APPEAL from the Circuit Court of Franklin County; the Hon. DON
A. FOSTER, Judge, presiding.
MR. PRESIDING JUSTICE KASSERMAN DELIVERED THE OPINION OF THE COURT:
Rehearing denied December 1, 1981.
The plaintiff, Don Meeker, appeals from an order dismissing his complaint against defendants, Tommy Payne, Ray Everett Odom and Vera Odom, and from a subsequent order denying his motion for leave to amend his complaint.
The plaintiff's pleadings allege the following facts. On March 14, 1971, in order to settle a pending lawsuit brought by the plaintiff, defendant Tommy Payne agreed to sell to plaintiff certain real estate located in Franklin County. The next day, both parties entered into a stipulation concerning the agreement in open court, and the trial court dismissed the case. A few days later, Mr. Payne refused to honor the agreement and tore up the written contract upon which it was based. On April 29, 1971, plaintiff filed an affidavit with the recorder of deeds of Franklin County setting forth the above facts, attaching a copy of the written contract, and indicating an intention to bring suit on the contract.
On August 6, 1971, Mr. Payne filed suit to quiet title. Plaintiff responded by filing a counterclaim for specific performance of the contract. These proceedings were designated as case No. 71-CH-13. Later that month, while the case was still pending, Mr. Payne contracted to sell the real estate to Thomas Gray. On October 28, 1971, the trial court in case No. 71-CH-13 ruled in Mr. Payne's favor on his complaint to quiet title and against Mr. Meeker on his counterclaim for specific performance. On November 24, 1971, Mr. Payne conveyed the surface of the real estate to Mr. Gray who, in turn, made a conveyance to Ray Everett Odom and Vera Fay Odom the same day. In November of 1971, the Odoms executed and recorded a mortgage in favor of Federal Land Bank of St. Louis.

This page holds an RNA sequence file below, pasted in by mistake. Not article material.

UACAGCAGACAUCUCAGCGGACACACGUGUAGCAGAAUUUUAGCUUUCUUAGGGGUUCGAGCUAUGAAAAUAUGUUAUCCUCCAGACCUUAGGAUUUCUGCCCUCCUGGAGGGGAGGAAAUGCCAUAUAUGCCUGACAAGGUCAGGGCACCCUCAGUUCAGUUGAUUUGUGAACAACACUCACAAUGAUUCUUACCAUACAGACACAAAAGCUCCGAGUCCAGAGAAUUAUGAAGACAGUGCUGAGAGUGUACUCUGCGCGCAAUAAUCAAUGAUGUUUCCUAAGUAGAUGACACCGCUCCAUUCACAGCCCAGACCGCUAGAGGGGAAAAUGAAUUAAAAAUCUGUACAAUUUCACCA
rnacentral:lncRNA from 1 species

In Payne v. Meeker (1973), 10 Ill. App.3d 986, 295 N.E.2d 239, filed March 29, 1973, this court entered judgment reversing the trial court's decision in case No. 71-CH-13 and directed that Mr. Meeker's counterclaim for specific performance regarding the surface of the realty be granted. The trial court so ordered on March 29, 1974.
Subsequently, on August 9, 1974, the Odoms executed and recorded a mortgage in favor of Farmers Home Administration of the United States Department of Agriculture. On February 14, 1975, Vera Fay Odom conveyed her interest in the realty to Ray Everett Odom.
On September 4, 1980, plaintiff instituted the present lawsuit which sought equitable relief from all the above named parties who purported to have conveyed or acquired an interest in the property. The defendants, Mr. Payne and the Odoms, filed a motion to dismiss the plaintiff's complaint, alleging, inter alia, that: (1) the trial court's judgment in case No. 71-CH-13 barred the present action against Mr. Payne under the doctrine of res judicata; and (2) plaintiff's failure to stay the proceedings, as provided for in Supreme Court Rule 305(i) (Ill. Rev. Stat. 1979, ch. 110A, par. 305(i)), precluded him from attacking the Odoms' interest in the property. The trial court entered an order on September 19, 1979, dismissing the present complaint against Payne and the Odoms with prejudice to the plaintiff. On October 17, 1979, plaintiff filed a motion for leave to amend his complaint which the trial court denied on the ground that its dismissal order of September 19 was a final and appealable order.